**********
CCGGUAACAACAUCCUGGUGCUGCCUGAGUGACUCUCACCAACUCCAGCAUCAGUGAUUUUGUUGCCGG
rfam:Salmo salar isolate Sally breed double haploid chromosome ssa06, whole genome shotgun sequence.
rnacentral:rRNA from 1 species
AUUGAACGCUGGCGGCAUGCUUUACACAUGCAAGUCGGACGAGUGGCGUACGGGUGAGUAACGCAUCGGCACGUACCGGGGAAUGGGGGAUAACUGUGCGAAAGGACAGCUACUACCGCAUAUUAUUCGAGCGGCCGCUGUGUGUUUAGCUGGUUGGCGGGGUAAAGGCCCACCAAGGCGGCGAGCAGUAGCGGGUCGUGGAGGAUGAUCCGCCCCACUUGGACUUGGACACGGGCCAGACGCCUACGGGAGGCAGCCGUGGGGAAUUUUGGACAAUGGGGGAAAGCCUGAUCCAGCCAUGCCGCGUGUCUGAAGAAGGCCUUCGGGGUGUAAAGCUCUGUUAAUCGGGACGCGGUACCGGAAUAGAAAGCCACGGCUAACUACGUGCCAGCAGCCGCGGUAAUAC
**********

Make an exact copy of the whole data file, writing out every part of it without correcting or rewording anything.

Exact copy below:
CCGGUAACAACAUCCUGGUGCUGCCUGAGUGACUCUCACCAACUCCAGCAUCAGUGAUUUUGUUGCCGG
rfam:Salmo salar isolate Sally breed double haploid chromosome ssa06, whole genome shotgun sequence.
rnacentral:rRNA from 1 species
AUUGAACGCUGGCGGCAUGCUUUACACAUGCAAGUCGGACGAGUGGCGUACGGGUGAGUAACGCAUCGGCACGUACCGGGGAAUGGGGGAUAACUGUGCGAAAGGACAGCUACUACCGCAUAUUAUUCGAGCGGCCGCUGUGUGUUUAGCUGGUUGGCGGGGUAAAGGCCCACCAAGGCGGCGAGCAGUAGCGGGUCGUGGAGGAUGAUCCGCCCCACUUGGACUUGGACACGGGCCAGACGCCUACGGGAGGCAGCCGUGGGGAAUUUUGGACAAUGGGGGAAAGCCUGAUCCAGCCAUGCCGCGUGUCUGAAGAAGGCCUUCGGGGUGUAAAGCUCUGUUAAUCGGGACGCGGUACCGGAAUAGAAAGCCACGGCUAACUACGUGCCAGCAGCCGCGGUAAUAC